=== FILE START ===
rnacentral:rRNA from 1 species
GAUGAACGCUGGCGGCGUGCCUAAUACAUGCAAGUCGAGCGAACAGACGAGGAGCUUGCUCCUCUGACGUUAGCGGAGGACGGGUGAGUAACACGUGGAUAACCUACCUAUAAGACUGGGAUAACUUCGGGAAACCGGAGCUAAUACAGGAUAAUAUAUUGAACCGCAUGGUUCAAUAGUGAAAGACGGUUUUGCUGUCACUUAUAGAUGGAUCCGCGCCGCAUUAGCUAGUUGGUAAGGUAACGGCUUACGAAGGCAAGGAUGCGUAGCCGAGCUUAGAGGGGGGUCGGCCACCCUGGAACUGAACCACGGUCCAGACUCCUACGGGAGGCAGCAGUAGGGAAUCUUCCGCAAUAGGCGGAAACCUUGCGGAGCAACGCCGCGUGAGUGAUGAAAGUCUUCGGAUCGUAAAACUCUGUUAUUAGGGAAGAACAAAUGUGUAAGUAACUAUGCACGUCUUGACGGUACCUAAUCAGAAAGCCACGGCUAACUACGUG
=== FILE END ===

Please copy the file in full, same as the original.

rnacentral:rRNA from 1 species
GAUGAACGCUGGCGGCGUGCCUAAUACAUGCAAGUCGAGCGAACAGACGAGGAGCUUGCUCCUCUGACGUUAGCGGAGGACGGGUGAGUAACACGUGGAUAACCUACCUAUAAGACUGGGAUAACUUCGGGAAACCGGAGCUAAUACAGGAUAAUAUAUUGAACCGCAUGGUUCAAUAGUGAAAGACGGUUUUGCUGUCACUUAUAGAUGGAUCCGCGCCGCAUUAGCUAGUUGGUAAGGUAACGGCUUACGAAGGCAAGGAUGCGUAGCCGAGCUUAGAGGGGGGUCGGCCACCCUGGAACUGAACCACGGUCCAGACUCCUACGGGAGGCAGCAGUAGGGAAUCUUCCGCAAUAGGCGGAAACCUUGCGGAGCAACGCCGCGUGAGUGAUGAAAGUCUUCGGAUCGUAAAACUCUGUUAUUAGGGAAGAACAAAUGUGUAAGUAACUAUGCACGUCUUGACGGUACCUAAUCAGAAAGCCACGGCUAACUACGUG